JavaOne Notes. Registration 2.0

It “s Monday morning. Yesterday “s registration to the hotel was painless. Or as they say these days, it was 2.0. There was an electronic kiosk in the lobby. Just swipe your credit card, then touch the screen to select a room: smoking/nonsmoking, number of beds and the floor (the floors higher then 12th cost more, but I was not sure if my employer would be too happy to pick up this extra expense for providing me a better view of San Franciso). Bum hellip;The room key came out from the slot. I was done in less than two minutes..

In the morning, I “ve arrived to the Moscone center to see yet another example of the Registration 2.0. First, to the speaker “s counter. The barcode reader scans a piece of paper that I “ve printed at home, a special machine spits out my JavaOne card with a special electronic key embedded in it. After that I “ve repeated the same procedure at the Press counter to get my press pass ndash; they promise a reception for the press, and it would be stupid to miss it.

The next destination is a nearby hotel to register for the NetBeans Software day. Let me tell you, I “ve got a little used to 2.0 stuff hellip; I found a long line of people wanted to register at the event. The first 400 people will get a free NetBeans book, so each of us (early birds) received a little red sticker, which supposedly will entitle me for the book. After the first 20 minutes of waiting in line I though of getting back to the Moscone center: they run Java University there. But then I saw the sign that Jonathan Schwartz is opening the event and James Gosling is closing. I decided to stay. This is clearly the registration 1.0. After coming closer to the registration tables I saw the food: pizza, corn chips, dry fruits and soft drinks. OK, OK, it “s Registration 1.5. Got my pass, got my food, now hunting for the place to sit. The premium spots are on the floor by electric wall outlets. Forget about it. Get real. No big deal. I still have 85% of my battery left.

Hear the music? They are opening the doors and about 800 people are slowly filling up the room hellip;The fact that that 400 of them won’t get that book gives me this nice warm feeling! Yes!

And Jonathan Schwartz gave a talk. He started witha joke that he was tired of being #2 and not #1. He’s repeated a couple of times that his (and McNealy’s ) credo: “Innovation Happens Elswhere “.

I guess, he meant to say that as soon as you start believeing that innovation happens in your company, you are moving in the wrong direction.

Then, he invited Rich Green to the podium opening up with the words that now the creativity is in the core of the development at Sun.

After a brief talk, they started an improvised Q/A session right on the podium and the first question Jonathan asked was this, “Rich, do you want to open source Java? “The audience started to laugh and applaud.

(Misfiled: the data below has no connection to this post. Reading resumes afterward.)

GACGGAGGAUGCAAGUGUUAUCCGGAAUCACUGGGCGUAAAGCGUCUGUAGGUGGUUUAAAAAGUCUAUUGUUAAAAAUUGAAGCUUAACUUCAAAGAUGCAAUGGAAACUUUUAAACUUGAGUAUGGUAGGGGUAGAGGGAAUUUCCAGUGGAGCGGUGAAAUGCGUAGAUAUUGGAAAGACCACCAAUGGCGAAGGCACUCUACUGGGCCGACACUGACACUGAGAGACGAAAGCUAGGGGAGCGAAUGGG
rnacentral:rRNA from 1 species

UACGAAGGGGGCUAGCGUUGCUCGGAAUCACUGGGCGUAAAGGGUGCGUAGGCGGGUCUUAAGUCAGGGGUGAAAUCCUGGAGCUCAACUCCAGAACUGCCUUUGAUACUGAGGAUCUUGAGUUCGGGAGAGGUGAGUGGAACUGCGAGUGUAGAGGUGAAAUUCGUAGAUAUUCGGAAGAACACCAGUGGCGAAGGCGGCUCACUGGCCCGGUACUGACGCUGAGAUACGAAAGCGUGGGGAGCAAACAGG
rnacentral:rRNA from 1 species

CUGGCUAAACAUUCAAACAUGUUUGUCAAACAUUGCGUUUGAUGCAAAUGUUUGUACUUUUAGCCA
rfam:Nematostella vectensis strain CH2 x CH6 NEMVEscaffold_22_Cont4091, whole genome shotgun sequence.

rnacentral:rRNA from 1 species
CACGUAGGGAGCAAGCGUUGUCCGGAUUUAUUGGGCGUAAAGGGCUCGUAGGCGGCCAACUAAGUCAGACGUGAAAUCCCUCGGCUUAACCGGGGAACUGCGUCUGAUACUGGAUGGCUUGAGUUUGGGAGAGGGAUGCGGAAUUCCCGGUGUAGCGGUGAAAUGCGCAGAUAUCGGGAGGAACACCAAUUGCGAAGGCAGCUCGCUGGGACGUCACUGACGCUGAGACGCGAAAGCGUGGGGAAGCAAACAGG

Rich answered that we need to keep the platform un-fractured and need to come up with the plan to maintain the brand, compatibility, and then, why not?

Jonathan: “What “s the best part of being back in Sun? ”

Rich: ” Amazingly brilliant and creative people. ”

Jonathan,: “There is no better and no more aggressive leader, than Rich Green “.

After this talk we saw a demo of a a Java ME rapid development, and then two guys from Google, Joshua Bloch and Neal Gafter gave an entertaining demo on code illusions.

Tom Ball from Sun demoed a JackPot: a tool that runs in through the source code of your NetBeans project, suggests and performs refactoring for you.

Robert Brewing, Sun’s Distinguished engineer, got several minutes to talk about Sun Tools: NetBeans, Sun Studio, Java Studio Enterprise, Java Studio Creator and Mobility pack. All these tolls will be added to the NetBeans platform. NetBeans now supports C and C++ development. Sun keeps donating tools to the open source community, which will be added to the NetBeans platform.

From James Gosling’s talk I’ve memorized this phrase: it feels like dot com era again, except now people have business plans with some positive numbers in them.

Finally, Jason van Zil, the founder of Apache Maven project came to the stage talking about, well Maven. Every speaker at JavaOne is dressed casually. But Jason went a little bit over board. He was wearing a shirt and a black wool sweater and shorts with beach slippers. He must be suffering some kind of body temperature disorder when the upper body is freezing while the bottom part always remembers the last Hawaii vacation. Poor thing.

At the end of the event, there was a raffle of five iPods. Now I need to pick up my free USB memory stick and a book and we can call it a NetBeans day.

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